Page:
FIG. 5 is a cross-sectional view illustrating a portion of a third embodiment of a socket according to the invention.


FIG. 1 illustrates a socket, generally indicated as 10, which is designed for use with electronic devices of the gull wing type 12 wherein an integrated circuit is encapsulated in a flat, square molded plastic body 14. The integrated circuit is connected to other electronic devices by a number of leads 16 which extend outwardly of one or more sides of the molded plastic body 14. These leads terminate in ends which extend parallel to the plane of the body 14 and below the lower surface of the body 14. The socket 10 is designed to temporarily, or at least removably, make connection to the leads 16 of the gull wing device 12 and another electronic device such as a computer (not shown).

The socket 10 includes a base 18 and a cover 20 which is moveable in the vertical direction relative to the base 18. FIG. 1 illustrates the cover 20 in the up and open position wherein the gull wing device 12 is released and may be removed from the socket, or a device 12 inserted in the socket 10 if one is not present. The base 18 and the cover 20 are molded from any of a variety of polymers which exhibit stability and heat tolerance if the socket 10 is to be used in a high temperature environment, such as is encountered if the socket is used for burn-in testing of gull wing devices 12.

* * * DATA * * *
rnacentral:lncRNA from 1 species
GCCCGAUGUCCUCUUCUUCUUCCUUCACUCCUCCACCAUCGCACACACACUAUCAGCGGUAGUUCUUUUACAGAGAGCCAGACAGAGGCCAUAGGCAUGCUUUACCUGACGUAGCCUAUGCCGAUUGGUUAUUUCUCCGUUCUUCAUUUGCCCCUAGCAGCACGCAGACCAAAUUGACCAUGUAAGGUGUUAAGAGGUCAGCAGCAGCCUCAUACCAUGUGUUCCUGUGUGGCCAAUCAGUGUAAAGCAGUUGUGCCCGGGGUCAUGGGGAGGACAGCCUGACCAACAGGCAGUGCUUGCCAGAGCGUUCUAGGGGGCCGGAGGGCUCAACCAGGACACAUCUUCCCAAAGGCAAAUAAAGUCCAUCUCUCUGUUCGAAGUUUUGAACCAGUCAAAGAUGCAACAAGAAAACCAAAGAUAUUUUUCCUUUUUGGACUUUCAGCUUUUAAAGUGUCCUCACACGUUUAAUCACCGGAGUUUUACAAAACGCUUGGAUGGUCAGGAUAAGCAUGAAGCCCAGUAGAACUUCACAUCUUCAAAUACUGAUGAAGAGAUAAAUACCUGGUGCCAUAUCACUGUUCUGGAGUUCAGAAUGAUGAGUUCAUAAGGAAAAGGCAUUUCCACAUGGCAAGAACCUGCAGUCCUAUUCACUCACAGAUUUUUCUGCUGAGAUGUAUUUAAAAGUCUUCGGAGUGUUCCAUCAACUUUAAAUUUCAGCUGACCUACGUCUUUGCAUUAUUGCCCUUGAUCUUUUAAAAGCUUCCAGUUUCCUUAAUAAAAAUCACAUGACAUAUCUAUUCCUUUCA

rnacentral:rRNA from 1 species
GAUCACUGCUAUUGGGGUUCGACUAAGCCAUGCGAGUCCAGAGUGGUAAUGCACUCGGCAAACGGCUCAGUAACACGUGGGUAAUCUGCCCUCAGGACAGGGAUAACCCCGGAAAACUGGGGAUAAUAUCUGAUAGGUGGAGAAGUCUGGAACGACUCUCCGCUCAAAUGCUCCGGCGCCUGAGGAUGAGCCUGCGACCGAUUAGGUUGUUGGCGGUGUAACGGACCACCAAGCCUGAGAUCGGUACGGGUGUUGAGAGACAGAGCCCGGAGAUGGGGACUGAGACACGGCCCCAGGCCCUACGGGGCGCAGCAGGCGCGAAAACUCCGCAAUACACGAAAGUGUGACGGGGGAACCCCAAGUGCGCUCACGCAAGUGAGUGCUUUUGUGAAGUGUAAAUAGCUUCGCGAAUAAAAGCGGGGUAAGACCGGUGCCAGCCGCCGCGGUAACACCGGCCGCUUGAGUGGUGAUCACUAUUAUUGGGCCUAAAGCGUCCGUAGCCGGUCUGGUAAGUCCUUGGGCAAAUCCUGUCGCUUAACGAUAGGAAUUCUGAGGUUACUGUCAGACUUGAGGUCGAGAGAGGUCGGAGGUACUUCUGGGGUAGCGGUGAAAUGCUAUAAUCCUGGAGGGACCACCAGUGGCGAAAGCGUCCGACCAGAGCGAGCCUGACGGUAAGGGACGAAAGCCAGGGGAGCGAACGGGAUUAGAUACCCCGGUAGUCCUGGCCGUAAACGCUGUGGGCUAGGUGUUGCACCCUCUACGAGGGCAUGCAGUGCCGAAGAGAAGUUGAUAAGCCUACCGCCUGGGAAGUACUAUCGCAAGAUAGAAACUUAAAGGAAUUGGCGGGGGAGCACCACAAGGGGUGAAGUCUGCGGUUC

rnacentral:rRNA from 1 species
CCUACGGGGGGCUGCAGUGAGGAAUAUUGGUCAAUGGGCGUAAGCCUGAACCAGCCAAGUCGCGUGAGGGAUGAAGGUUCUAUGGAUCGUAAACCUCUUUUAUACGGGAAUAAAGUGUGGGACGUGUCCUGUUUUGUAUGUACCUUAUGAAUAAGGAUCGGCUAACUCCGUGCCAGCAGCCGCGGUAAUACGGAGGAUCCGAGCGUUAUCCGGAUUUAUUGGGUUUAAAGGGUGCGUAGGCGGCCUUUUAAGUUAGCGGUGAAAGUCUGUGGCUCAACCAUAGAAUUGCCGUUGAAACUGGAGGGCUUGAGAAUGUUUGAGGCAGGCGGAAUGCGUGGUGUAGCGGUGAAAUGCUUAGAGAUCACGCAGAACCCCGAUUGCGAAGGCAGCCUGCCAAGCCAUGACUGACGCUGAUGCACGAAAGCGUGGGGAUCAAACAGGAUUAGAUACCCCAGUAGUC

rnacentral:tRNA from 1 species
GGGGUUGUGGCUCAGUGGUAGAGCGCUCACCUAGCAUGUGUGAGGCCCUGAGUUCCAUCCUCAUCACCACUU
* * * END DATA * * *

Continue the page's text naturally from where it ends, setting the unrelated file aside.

Located within the base 18 is a number of contacts 22 correspond to the leads 16 of the device 12. These contacts 22 are for making electrical contact with the leads 16 of the device 12 and conducting signals from the device 12 to another electronic device by means of tails 24 which may be soldered to a circuit board (not shown). Also within the base 18 are cams 26 which include slots 28 cut to correspond to and accept the contacts 22. The cam 26 is generally cylindrical and the slots 28 are cut with a radius smaller than that of the cam 26 outer radius. The slots 28 terminate in flat transition surfaces 30 and 32 along radii of the cam 26, as best seen in FIGS. 2 and 3.

The cams 26 may be rotated by means of an arm 34 disposed at the end of the cam 26. This arm 34 is contacted by the cover 20 and is in the up, open position (FIG. 1 and 2) when the cover 20 is at a distance from the base 18 and in the closed position (FIG. 3) when the cover 20 is depressed. The cover 20 includes detents 36 to prevent the cover 20 from being separated from the base 18 and notches 38 which retain the cover 20 in the closed position.